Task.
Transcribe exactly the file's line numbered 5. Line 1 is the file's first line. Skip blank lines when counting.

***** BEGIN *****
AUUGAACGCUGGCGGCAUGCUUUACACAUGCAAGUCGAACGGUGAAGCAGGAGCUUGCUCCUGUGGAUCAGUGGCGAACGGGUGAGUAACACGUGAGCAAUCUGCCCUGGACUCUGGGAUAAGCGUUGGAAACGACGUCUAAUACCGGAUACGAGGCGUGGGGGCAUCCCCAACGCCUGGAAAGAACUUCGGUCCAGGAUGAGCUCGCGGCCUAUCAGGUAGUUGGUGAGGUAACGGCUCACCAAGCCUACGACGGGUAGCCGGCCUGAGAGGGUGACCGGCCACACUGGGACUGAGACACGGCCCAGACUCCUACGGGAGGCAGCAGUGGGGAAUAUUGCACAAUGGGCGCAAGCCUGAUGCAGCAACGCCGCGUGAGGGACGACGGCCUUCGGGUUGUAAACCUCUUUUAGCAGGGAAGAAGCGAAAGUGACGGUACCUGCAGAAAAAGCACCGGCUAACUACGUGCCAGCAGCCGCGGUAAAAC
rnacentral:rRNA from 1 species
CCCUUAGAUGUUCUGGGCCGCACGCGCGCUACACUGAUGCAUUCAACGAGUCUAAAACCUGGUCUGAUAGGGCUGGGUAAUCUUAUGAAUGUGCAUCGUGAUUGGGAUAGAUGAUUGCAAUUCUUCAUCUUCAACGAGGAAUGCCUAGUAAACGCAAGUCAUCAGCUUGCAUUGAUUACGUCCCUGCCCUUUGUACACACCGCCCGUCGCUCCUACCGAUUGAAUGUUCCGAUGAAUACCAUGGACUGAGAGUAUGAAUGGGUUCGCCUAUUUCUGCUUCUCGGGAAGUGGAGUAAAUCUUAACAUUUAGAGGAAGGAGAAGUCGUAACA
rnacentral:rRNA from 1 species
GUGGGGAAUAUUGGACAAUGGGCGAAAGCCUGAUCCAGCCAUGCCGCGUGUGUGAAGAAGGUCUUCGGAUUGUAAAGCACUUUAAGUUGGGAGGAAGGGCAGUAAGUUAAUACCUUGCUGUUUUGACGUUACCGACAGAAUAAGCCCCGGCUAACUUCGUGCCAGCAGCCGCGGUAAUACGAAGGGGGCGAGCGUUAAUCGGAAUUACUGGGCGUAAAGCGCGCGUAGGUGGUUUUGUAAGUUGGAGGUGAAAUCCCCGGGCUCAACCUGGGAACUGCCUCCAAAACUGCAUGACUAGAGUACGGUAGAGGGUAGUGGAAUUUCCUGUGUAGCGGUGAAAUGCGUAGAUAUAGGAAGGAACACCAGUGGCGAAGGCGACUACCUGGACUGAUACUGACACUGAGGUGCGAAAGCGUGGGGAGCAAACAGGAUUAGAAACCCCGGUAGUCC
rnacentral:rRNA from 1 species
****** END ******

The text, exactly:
GUGGGGAAUAUUGGACAAUGGGCGAAAGCCUGAUCCAGCCAUGCCGCGUGUGUGAAGAAGGUCUUCGGAUUGUAAAGCACUUUAAGUUGGGAGGAAGGGCAGUAAGUUAAUACCUUGCUGUUUUGACGUUACCGACAGAAUAAGCCCCGGCUAACUUCGUGCCAGCAGCCGCGGUAAUACGAAGGGGGCGAGCGUUAAUCGGAAUUACUGGGCGUAAAGCGCGCGUAGGUGGUUUUGUAAGUUGGAGGUGAAAUCCCCGGGCUCAACCUGGGAACUGCCUCCAAAACUGCAUGACUAGAGUACGGUAGAGGGUAGUGGAAUUUCCUGUGUAGCGGUGAAAUGCGUAGAUAUAGGAAGGAACACCAGUGGCGAAGGCGACUACCUGGACUGAUACUGACACUGAGGUGCGAAAGCGUGGGGAGCAAACAGGAUUAGAAACCCCGGUAGUCC